Carp on the Fly with Paul Sharman
Location, location, location
So where are the best places to target for carp when flinging a fly you may ask? As mentioned a couple of times since starting this column a few months back, this is primarily a sight fishing game and so typically shallow water is the key. This will of course usually coincide with anywhere the carp typically visit to search for food and so their movements whether visible in clear water, or betrayed by water disturbance in murky conditions will be the best clue as to the frame of mind they are in. This of course is no different from any other type of carp fishing where it makes sense to target actively feeding fish wherever possible.
When visiting a new lake or location I typically have either done some advance research looking for maps online, or checked into local message boards or contacts to get the heads up on likely locations. Failing that then it really is worth taking a little time at the start of a session to scout around for flats, or obviously active and hopefully feeding fish in other locations that may also be suitable for approaching with the fly. These can include margin feeders for example in otherwise deep water where a cast from shore can reach them. Where a flat is located, then I will put on my polarized sunglasses to reduce the surface glare and see if I can see any evidence of fish. In extreme shallow water of only inches this is usually obvious as you can't miss a big old humpy back cruising along out of the water. Where the water just covers their backs then we often look for fish 'pushing water' which means as they move forward, you can see a bulge of water being displaced ahead of them as they travel. Other signs in this depth may be an occasional tail wagging above the surface as they put their heads down to feed, or just a swirl or other disturbance in the water where they have changed direction. A lack of wind is very helpful when looking for these signs so the water surface is mirror calm, and especially when learning them. Once they are mastered then a bit of chop on the water is less of a problem and you will still see the signs often.
One particular experience I had in the USA where I used to live was that creek mouths can often attract fish at certain times of year. Lake Morena in the hills above San Diego has a large head of commons and mirrors in the 5-10lb range which provide a great target most of the year. However come early spring when spawning starts to enter their minds and the winter rains have swollen the otherwise usually dry Cottonwood creek bed, hundreds or probably thousands of these fish stack up around and in the creek mouth and lots of them actually try to run up the creek like salmon. While those actively engaged in trying to run the creek are usually pre-occupied, the rest of them further downstream are usually hungry and it is not uncommon to have double-figure days in this situation in what can only be described as a scene very reminiscent of those in Alaska when the salmon are milling around in pools. I have not as yet seen this anywhere else but then I have not come across a similar set of circumstances/geography so it makes me wonder if this happens elsewhere - I think it is very likely and worth checking out if you know of a similar location near to you.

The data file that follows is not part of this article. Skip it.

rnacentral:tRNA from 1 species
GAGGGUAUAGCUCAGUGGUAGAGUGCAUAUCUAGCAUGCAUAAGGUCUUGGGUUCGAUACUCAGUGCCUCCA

Perhaps the best sign you can see on a flat is mudding activity. A redfish guide in Louisiana referred to it as 'smoke' each time we saw it on a trip to the delta last year - a pretty apt description of the puff of silt staining the surrounding water caused by carp rooting around for food items. On a calm day this cloud can become quite large and sometimes it is hard to work out where the fish may be before casting, however on a windy day watch for the cloud to act like a vapor trail with a distinct head and tail indicating the location and direction of the fish as it works along.
Lastly, one location I have not tried to target with the fly as yet is also one of my favorite habitats - a reed line. There used to be a series of small lakes near me where reed beds are separated from the shore by some deeper channels, giving easy casting across to the edge of the bed. With regular tackle this allows me to chum some floating breadcrust to wake up any feeders and then freeline my bait in amongst them. The burst of energy when a fish is hooked and that first battle to keep them from heading deep into the reeds is hard to beat in my book. On fly tackle it should be quite interesting to see if enough stopping power can be generated to turn that head the first time but now at last with some samples of imitation breadcrust and dog-biscuit flies in hand I can at least give it a try.
Articles by the same author
- Essential Skills - Dry Fly and Mayfly with Oliver Edwards
- New Canadian Beaver report spells doom for Scottish salmon
- Fly Fishing for Atlantic Bass - new book reviewed
- The Streamside Guide - Road Trips
- Wet Fly Fishing on Rivers - Essential Skills with Oliver Edwards
- Venezuelan smorgasbord at Los Roques
- Pope of the Madison
- The principles of layering - the base layer
- Game Fishing by Bob Church
- The Streamside Guide - Planning the Trip